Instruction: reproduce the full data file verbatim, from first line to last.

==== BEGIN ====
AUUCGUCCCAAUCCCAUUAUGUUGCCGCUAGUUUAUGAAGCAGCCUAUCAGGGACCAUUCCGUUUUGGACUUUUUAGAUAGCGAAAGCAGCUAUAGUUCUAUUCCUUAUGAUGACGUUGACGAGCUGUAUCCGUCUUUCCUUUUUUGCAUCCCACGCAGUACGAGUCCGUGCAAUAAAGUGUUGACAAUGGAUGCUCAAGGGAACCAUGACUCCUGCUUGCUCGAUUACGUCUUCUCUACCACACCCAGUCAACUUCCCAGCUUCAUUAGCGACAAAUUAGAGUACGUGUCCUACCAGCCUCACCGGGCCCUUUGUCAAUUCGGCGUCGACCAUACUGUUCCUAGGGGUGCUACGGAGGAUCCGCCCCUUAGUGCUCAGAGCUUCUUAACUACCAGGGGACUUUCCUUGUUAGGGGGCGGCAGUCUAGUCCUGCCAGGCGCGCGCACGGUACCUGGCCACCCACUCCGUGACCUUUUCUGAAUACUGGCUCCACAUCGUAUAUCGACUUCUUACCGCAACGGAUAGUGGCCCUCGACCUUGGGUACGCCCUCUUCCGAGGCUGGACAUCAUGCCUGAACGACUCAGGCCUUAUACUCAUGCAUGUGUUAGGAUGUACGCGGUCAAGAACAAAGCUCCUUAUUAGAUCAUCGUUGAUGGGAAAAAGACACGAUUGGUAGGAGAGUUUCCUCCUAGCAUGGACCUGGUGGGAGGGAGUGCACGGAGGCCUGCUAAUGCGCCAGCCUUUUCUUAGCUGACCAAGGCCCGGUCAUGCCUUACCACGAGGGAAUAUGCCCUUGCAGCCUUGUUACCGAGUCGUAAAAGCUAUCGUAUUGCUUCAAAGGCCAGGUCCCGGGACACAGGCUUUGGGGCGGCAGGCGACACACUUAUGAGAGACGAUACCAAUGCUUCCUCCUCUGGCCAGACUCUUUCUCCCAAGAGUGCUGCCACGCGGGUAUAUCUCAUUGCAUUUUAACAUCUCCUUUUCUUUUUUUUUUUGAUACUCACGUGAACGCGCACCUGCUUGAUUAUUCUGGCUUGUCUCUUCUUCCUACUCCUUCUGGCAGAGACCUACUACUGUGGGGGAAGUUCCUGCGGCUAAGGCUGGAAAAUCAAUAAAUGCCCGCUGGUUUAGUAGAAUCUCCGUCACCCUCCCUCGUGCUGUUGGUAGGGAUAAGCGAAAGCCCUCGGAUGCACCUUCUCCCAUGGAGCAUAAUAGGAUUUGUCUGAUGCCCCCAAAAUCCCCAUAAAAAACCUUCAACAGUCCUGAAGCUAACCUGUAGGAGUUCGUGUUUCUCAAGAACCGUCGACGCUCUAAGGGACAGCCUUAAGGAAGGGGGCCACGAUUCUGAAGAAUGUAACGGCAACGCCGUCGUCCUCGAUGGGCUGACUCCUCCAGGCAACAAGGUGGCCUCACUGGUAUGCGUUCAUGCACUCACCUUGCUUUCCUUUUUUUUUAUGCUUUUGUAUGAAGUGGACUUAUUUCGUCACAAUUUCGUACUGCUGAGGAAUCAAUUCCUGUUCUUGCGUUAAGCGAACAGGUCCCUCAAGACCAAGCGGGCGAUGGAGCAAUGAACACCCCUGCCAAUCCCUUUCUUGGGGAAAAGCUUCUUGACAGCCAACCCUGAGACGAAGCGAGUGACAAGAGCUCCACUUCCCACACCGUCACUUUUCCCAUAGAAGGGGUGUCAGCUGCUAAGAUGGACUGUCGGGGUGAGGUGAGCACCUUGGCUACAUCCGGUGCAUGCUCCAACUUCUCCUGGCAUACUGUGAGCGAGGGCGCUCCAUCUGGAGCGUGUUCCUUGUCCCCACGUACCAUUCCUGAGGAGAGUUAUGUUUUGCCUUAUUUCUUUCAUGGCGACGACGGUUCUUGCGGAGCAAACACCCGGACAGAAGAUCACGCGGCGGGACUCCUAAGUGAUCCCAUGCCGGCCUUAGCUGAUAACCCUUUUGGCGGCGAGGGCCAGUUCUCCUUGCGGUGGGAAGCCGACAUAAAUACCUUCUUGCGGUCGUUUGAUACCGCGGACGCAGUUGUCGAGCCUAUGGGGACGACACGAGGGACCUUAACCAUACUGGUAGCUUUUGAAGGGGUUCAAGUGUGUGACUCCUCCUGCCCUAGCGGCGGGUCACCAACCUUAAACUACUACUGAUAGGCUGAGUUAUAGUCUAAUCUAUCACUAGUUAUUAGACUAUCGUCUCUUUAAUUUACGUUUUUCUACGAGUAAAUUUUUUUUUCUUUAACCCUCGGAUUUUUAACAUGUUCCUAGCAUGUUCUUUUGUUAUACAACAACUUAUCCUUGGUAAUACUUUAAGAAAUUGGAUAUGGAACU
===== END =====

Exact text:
AUUCGUCCCAAUCCCAUUAUGUUGCCGCUAGUUUAUGAAGCAGCCUAUCAGGGACCAUUCCGUUUUGGACUUUUUAGAUAGCGAAAGCAGCUAUAGUUCUAUUCCUUAUGAUGACGUUGACGAGCUGUAUCCGUCUUUCCUUUUUUGCAUCCCACGCAGUACGAGUCCGUGCAAUAAAGUGUUGACAAUGGAUGCUCAAGGGAACCAUGACUCCUGCUUGCUCGAUUACGUCUUCUCUACCACACCCAGUCAACUUCCCAGCUUCAUUAGCGACAAAUUAGAGUACGUGUCCUACCAGCCUCACCGGGCCCUUUGUCAAUUCGGCGUCGACCAUACUGUUCCUAGGGGUGCUACGGAGGAUCCGCCCCUUAGUGCUCAGAGCUUCUUAACUACCAGGGGACUUUCCUUGUUAGGGGGCGGCAGUCUAGUCCUGCCAGGCGCGCGCACGGUACCUGGCCACCCACUCCGUGACCUUUUCUGAAUACUGGCUCCACAUCGUAUAUCGACUUCUUACCGCAACGGAUAGUGGCCCUCGACCUUGGGUACGCCCUCUUCCGAGGCUGGACAUCAUGCCUGAACGACUCAGGCCUUAUACUCAUGCAUGUGUUAGGAUGUACGCGGUCAAGAACAAAGCUCCUUAUUAGAUCAUCGUUGAUGGGAAAAAGACACGAUUGGUAGGAGAGUUUCCUCCUAGCAUGGACCUGGUGGGAGGGAGUGCACGGAGGCCUGCUAAUGCGCCAGCCUUUUCUUAGCUGACCAAGGCCCGGUCAUGCCUUACCACGAGGGAAUAUGCCCUUGCAGCCUUGUUACCGAGUCGUAAAAGCUAUCGUAUUGCUUCAAAGGCCAGGUCCCGGGACACAGGCUUUGGGGCGGCAGGCGACACACUUAUGAGAGACGAUACCAAUGCUUCCUCCUCUGGCCAGACUCUUUCUCCCAAGAGUGCUGCCACGCGGGUAUAUCUCAUUGCAUUUUAACAUCUCCUUUUCUUUUUUUUUUUGAUACUCACGUGAACGCGCACCUGCUUGAUUAUUCUGGCUUGUCUCUUCUUCCUACUCCUUCUGGCAGAGACCUACUACUGUGGGGGAAGUUCCUGCGGCUAAGGCUGGAAAAUCAAUAAAUGCCCGCUGGUUUAGUAGAAUCUCCGUCACCCUCCCUCGUGCUGUUGGUAGGGAUAAGCGAAAGCCCUCGGAUGCACCUUCUCCCAUGGAGCAUAAUAGGAUUUGUCUGAUGCCCCCAAAAUCCCCAUAAAAAACCUUCAACAGUCCUGAAGCUAACCUGUAGGAGUUCGUGUUUCUCAAGAACCGUCGACGCUCUAAGGGACAGCCUUAAGGAAGGGGGCCACGAUUCUGAAGAAUGUAACGGCAACGCCGUCGUCCUCGAUGGGCUGACUCCUCCAGGCAACAAGGUGGCCUCACUGGUAUGCGUUCAUGCACUCACCUUGCUUUCCUUUUUUUUUAUGCUUUUGUAUGAAGUGGACUUAUUUCGUCACAAUUUCGUACUGCUGAGGAAUCAAUUCCUGUUCUUGCGUUAAGCGAACAGGUCCCUCAAGACCAAGCGGGCGAUGGAGCAAUGAACACCCCUGCCAAUCCCUUUCUUGGGGAAAAGCUUCUUGACAGCCAACCCUGAGACGAAGCGAGUGACAAGAGCUCCACUUCCCACACCGUCACUUUUCCCAUAGAAGGGGUGUCAGCUGCUAAGAUGGACUGUCGGGGUGAGGUGAGCACCUUGGCUACAUCCGGUGCAUGCUCCAACUUCUCCUGGCAUACUGUGAGCGAGGGCGCUCCAUCUGGAGCGUGUUCCUUGUCCCCACGUACCAUUCCUGAGGAGAGUUAUGUUUUGCCUUAUUUCUUUCAUGGCGACGACGGUUCUUGCGGAGCAAACACCCGGACAGAAGAUCACGCGGCGGGACUCCUAAGUGAUCCCAUGCCGGCCUUAGCUGAUAACCCUUUUGGCGGCGAGGGCCAGUUCUCCUUGCGGUGGGAAGCCGACAUAAAUACCUUCUUGCGGUCGUUUGAUACCGCGGACGCAGUUGUCGAGCCUAUGGGGACGACACGAGGGACCUUAACCAUACUGGUAGCUUUUGAAGGGGUUCAAGUGUGUGACUCCUCCUGCCCUAGCGGCGGGUCACCAACCUUAAACUACUACUGAUAGGCUGAGUUAUAGUCUAAUCUAUCACUAGUUAUUAGACUAUCGUCUCUUUAAUUUACGUUUUUCUACGAGUAAAUUUUUUUUUCUUUAACCCUCGGAUUUUUAACAUGUUCCUAGCAUGUUCUUUUGUUAUACAACAACUUAUCCUUGGUAAUACUUUAAGAAAUUGGAUAUGGAACU